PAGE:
I’ve only recently discovered Gun Brooke’s contemporary romances. Brooke has knocked a few out of the park, but all them have been solid romances with a good dose of angst (and sometimes a good dose of angst in a romance novel is just what you need).
This is Brooke’s newest and it’s set in the same town as two of her previous books, Coffee Sonata and Wayworn Lovers. As characters from each of those books are strong secondary characters in this one, I would suggest you read the others first so you aren’t trying to keep up with who’s who and some of the backstories. Although its nice to revisit characters you enjoyed and to have them connect with the new characters, I think the town of East Quay is hitting critical mass for lesbian musicians with tragic backstories.
Insult to Injury is told in first person POV, switching off between the two main characters – Romi and Gail. With the dual POV, the reader is able to empathize with both of the rather crappy deals life has handed them and how they perceive themselves and each other.
After running away from her aunt’s home at 16, Romi has been surviving on the streets of New York by signing in the subway stations. Picked up by the police in a case of mistaken identity, she manages to bolt and returns to East Quay to hide out in a secret bomb shelter in the now abandoned house she grew up in. Unbeknownst to Romi, the house has been purchased by Gail, a virtuoso violinist who is now recovering from a catastrophic car accident that has left her with a damaged arm and hand. It’s a bit of an odd (and could be uber-creepy) set up – Romi living in the basement without Gail knowing and the two of them running into one another outside the house and starting to build a hesitant friendship, but it works. The ending is a bit cheesy and overwrought, but overall I enjoyed reading the book and really didn’t care because I was liked the characters and the overall story.
Despite the hardship the last few years have inflicted on her, Romi’s still optimistic and,as she begins to build a new life in East Quay, she comes into her own. Gail, on the other hand, has some anger and resentment to work her way through but through her connection with Romi and the other women in East Quay, her frosty demeanor slowly melts. The characters work well together with a juxtaposition of social/economic status, age, and experience but at times there’s a bit of an imbalance between the two characters and Romi’s guilt and actions from staying in the house in the secret shelter is a bit overboard and slightly immature.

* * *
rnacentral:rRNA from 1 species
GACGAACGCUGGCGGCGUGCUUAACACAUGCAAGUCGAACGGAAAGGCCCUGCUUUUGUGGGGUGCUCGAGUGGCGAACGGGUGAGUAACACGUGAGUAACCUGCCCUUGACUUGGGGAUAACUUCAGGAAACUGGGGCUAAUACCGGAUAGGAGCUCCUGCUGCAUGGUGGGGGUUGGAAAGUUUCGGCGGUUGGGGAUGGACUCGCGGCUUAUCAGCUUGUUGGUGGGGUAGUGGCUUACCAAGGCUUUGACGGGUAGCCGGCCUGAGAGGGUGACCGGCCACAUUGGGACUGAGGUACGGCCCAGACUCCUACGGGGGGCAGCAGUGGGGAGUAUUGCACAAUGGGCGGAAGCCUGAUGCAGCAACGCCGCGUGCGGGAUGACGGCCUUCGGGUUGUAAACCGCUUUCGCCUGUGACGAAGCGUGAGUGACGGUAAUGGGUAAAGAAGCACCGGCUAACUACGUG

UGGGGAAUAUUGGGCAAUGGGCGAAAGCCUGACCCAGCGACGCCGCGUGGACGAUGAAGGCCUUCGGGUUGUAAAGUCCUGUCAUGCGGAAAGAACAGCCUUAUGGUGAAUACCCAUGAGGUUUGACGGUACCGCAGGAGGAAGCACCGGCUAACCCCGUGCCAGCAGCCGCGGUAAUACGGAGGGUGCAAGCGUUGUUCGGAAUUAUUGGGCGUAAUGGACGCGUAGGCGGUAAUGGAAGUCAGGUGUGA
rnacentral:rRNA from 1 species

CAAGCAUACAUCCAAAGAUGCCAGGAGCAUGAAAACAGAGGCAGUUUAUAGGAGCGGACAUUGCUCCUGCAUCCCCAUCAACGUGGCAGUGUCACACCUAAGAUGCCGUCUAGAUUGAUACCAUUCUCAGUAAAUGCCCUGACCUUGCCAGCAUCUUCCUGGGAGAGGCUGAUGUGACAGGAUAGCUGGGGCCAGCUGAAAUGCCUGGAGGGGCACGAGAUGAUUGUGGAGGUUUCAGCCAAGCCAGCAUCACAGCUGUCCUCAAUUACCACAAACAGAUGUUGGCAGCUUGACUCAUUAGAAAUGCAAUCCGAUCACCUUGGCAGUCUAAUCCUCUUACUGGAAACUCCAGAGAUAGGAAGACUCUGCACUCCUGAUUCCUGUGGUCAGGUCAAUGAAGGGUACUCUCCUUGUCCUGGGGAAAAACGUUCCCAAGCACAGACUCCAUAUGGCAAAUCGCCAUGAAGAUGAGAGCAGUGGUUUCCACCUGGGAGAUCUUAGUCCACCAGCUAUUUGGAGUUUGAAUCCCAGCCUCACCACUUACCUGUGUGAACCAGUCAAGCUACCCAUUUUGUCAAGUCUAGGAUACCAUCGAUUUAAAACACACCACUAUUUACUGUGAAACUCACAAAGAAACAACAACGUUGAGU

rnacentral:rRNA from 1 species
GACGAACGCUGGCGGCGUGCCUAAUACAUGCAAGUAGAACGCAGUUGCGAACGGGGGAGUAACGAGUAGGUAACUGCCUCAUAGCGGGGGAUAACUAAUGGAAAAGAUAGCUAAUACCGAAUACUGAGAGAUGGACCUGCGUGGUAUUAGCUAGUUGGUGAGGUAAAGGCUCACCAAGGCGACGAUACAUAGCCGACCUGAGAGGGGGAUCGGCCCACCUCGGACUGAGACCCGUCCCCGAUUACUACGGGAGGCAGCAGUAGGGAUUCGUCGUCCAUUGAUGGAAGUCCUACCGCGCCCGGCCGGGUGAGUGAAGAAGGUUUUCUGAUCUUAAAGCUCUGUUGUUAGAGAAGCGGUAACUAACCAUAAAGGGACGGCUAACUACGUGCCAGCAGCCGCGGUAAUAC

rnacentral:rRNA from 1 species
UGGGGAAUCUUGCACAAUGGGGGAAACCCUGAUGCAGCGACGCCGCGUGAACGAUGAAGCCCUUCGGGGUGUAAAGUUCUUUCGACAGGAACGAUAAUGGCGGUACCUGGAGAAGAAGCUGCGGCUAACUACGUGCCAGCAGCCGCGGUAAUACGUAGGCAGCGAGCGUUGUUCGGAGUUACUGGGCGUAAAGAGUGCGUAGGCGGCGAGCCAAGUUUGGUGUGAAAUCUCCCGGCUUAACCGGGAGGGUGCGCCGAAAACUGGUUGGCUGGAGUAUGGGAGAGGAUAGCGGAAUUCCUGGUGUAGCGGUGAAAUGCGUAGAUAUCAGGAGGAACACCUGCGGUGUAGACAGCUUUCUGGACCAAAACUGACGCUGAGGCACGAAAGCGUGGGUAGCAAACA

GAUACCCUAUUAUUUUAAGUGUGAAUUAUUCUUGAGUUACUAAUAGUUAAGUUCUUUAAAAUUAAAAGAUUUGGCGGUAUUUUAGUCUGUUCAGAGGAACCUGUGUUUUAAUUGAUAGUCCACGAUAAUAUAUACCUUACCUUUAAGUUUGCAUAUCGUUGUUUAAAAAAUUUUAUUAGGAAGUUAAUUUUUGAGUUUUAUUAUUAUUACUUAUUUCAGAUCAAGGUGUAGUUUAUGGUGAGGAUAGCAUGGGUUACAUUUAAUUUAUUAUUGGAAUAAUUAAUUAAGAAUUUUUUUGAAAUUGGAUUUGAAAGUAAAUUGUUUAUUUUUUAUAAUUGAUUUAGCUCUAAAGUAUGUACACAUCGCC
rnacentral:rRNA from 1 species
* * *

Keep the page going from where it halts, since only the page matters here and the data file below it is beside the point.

They both have a pretty traumatic backstory and plenty of reason to wallow in angst, but the overall tone of the book is more positive. This isn’t deeply introspective around the issues that the women have faced and is a lighter read than the set up may suggest. Gail is a bit harder to warm up to as she begins as a rather negative and angry character, but is humanized through Romi – both as you perceive her through Romi’s POV and also as Gail shifts her own perceptions and attitude in her own POV. There’s a nice bit of chemistry between the two that helps smooth over some of the story elements that may strain credulity.
Are the bumps and issues with the book – yeah, if you stop and think too hard. Regardless, I enjoyed reading this one – its a light romance that left me with just the right amount of “aw shucks” at the end.
Thank you to BSB and Netgalley for an advance copy that was provided for a fair and honest review.
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